You have a cat? That’s surprising.
I’ve had them all my life. But when this cat dies, I won’t get another one. I will not support cat business – or dog business. They are friendly and lovely animals, but they are not good for the environment. Unfortunately, families’ cats, and cats in the wild, are a big problem. Amazingly, cats’ personalities are very much like birds such as the kestrel falcon and black kite in the way they behave and hunt the same things.

Nankeen Kestral.

What do look for in a bird photo? What’s your style?
Personality and the human connection. I look at them as beautiful birds, like any photographer. But if the bird can trust me, ‘talk’ to me and send me a message, the viewer can see that. A few photographers have attacked me by saying I’m photographing captive birds or birds in a studio. But I don’t do that.

Why do you often make the backgrounds surrounding the birds so dark?
With bright backgrounds, the details of the birds blend in. I shoot the right exposure on location to get the detail, then darken the backgrounds in the digital darkroom. Sometimes all the way to black, making the shot like an art piece.

Black-necked Stork.

Barking Owl. 

Your bird scenes also tend to be very tightly cropped.
Sometimes that’s because the bird is right next to me, or even on top of my leg or feet. I try not to move, but sometimes I need to go backwards because it’s too close for the lens to focus. My 8-15mm Canon fisheye is good in that case, especially with bigger birds, like a duck.

With one duck, I slid down to the ground and used the camera without looking through the lens. The duck came very close because it was used to humans feeding it, and when the camera made a noise, it hit the lens – ‘Pah!’ – with its beak. Another time, with a black swan, it was so close, someone said, ‘Watch out, it’s going to break your leg.’ I said, ‘It can break it – it would be my fault – but I’m not going to move.’

Black Swan

What other gear do you use?
The main lens for birds is a Canon 300mm f2.8, with or without a 2X teleconverter. I have a lot of lenses. My cameras are a Canon 5DsR 50-megapixel and a Canon 7D Mark II. I usually have a macro lens on the 50-megapixel in case I find a flower, mushroom or something, or the bird gets too close for the long lens. The 7D has a faster shutter speed and its autofocus is better with the long lens. I have a tripod and I built a monopod, but I don’t use them much. Hand-held is more flexible.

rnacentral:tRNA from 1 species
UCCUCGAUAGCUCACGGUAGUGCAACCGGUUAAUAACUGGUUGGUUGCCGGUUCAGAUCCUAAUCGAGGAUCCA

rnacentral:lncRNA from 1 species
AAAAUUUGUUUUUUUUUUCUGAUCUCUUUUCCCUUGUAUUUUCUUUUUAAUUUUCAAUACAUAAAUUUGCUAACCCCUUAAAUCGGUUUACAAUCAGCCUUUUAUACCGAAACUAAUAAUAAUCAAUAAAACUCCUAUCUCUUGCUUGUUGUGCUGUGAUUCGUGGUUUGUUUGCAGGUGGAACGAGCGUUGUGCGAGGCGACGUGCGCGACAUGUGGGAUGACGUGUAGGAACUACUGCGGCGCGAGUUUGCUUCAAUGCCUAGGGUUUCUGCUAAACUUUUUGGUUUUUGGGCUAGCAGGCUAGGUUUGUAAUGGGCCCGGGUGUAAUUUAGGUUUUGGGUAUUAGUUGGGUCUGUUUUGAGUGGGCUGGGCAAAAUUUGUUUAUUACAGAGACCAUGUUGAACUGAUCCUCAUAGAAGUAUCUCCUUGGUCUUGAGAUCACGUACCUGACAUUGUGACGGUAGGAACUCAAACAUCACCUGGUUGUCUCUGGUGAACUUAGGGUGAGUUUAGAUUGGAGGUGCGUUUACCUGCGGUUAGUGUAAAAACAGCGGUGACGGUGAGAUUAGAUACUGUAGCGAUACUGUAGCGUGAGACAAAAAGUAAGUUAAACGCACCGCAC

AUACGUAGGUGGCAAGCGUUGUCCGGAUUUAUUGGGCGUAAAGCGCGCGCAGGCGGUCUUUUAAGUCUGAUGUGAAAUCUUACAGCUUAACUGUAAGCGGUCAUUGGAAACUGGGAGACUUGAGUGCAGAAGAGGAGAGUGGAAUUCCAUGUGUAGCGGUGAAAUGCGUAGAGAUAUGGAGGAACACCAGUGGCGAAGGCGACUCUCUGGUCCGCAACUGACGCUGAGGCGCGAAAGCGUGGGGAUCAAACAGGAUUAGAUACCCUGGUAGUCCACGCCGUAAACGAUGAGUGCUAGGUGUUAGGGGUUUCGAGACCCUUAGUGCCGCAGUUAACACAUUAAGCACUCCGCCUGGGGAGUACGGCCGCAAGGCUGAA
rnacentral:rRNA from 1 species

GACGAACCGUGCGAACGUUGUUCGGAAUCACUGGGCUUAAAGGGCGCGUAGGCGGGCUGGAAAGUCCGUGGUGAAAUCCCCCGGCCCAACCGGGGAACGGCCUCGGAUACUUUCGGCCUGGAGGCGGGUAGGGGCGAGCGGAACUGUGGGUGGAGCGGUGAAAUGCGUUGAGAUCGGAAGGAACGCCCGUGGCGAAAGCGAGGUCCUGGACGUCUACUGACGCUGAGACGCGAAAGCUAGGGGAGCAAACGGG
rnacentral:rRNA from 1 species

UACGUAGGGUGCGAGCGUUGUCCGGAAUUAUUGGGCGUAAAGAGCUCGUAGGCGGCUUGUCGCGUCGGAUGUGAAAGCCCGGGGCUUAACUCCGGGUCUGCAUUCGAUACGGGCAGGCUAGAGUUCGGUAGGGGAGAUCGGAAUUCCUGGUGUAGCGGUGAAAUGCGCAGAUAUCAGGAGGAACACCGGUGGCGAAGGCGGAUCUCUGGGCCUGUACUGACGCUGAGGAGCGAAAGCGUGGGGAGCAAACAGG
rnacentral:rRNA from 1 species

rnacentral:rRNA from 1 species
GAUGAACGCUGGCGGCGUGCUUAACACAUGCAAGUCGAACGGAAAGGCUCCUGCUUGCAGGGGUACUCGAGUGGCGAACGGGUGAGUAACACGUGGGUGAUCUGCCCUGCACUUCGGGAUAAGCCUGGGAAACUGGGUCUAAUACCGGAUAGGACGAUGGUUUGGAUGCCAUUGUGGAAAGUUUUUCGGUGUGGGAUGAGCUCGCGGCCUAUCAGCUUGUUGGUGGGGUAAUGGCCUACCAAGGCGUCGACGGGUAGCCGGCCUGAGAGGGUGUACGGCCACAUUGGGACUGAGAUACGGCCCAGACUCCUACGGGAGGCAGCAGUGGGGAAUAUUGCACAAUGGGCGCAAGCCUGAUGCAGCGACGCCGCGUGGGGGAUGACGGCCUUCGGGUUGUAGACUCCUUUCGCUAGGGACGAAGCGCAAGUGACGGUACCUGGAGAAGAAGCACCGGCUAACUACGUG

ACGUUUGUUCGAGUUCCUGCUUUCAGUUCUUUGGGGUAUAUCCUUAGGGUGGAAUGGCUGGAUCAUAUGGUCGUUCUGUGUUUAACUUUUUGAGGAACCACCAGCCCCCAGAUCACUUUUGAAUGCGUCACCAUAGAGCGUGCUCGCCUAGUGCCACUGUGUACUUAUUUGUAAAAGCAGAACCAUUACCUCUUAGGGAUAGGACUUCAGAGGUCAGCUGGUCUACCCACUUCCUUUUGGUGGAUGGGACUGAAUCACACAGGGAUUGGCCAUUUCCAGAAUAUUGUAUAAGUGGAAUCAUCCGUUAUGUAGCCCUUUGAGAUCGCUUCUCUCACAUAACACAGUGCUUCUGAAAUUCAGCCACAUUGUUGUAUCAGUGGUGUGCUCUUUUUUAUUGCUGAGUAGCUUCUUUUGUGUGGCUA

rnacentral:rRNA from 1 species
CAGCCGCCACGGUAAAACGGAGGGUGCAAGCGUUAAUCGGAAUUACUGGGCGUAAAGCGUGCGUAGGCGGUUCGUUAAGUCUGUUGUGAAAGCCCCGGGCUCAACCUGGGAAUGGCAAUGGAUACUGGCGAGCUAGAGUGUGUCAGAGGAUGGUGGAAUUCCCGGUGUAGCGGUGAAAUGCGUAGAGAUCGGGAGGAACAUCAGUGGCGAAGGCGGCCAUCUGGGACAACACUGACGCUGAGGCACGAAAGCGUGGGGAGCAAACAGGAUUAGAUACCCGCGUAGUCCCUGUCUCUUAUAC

Do you focus on bird photography in the group courses and one-on-one workshops you do?
I teach all types of photography, but birds are my number one. My first course, in Canberra in January 2019, was really successful, so we arranged to do it again this year ( ). But the COVID situation between states is proving a difficult complication.

I’ve also taught courses in Mandurah [south of Perth] and Sydney. I’ve had about 100 one-on-one students from all over Australia. A dentist, a GP… Most of them are professional people. We do a four or five-day course that’s about more than photography. It’s about being in the wild and having the animals trust you.

Do most of your print orders come through your Facebook page?
Yes. I had three orders just this morning. I’ve also had a lot of requests for a book, so I’m going to create one. But I’m not very good at selling myself. On Facebook, I don’t have anything about that. Or about me. It’s all about the birds.

Article by Steve Packer

Excerpt from Photo Review Issue 86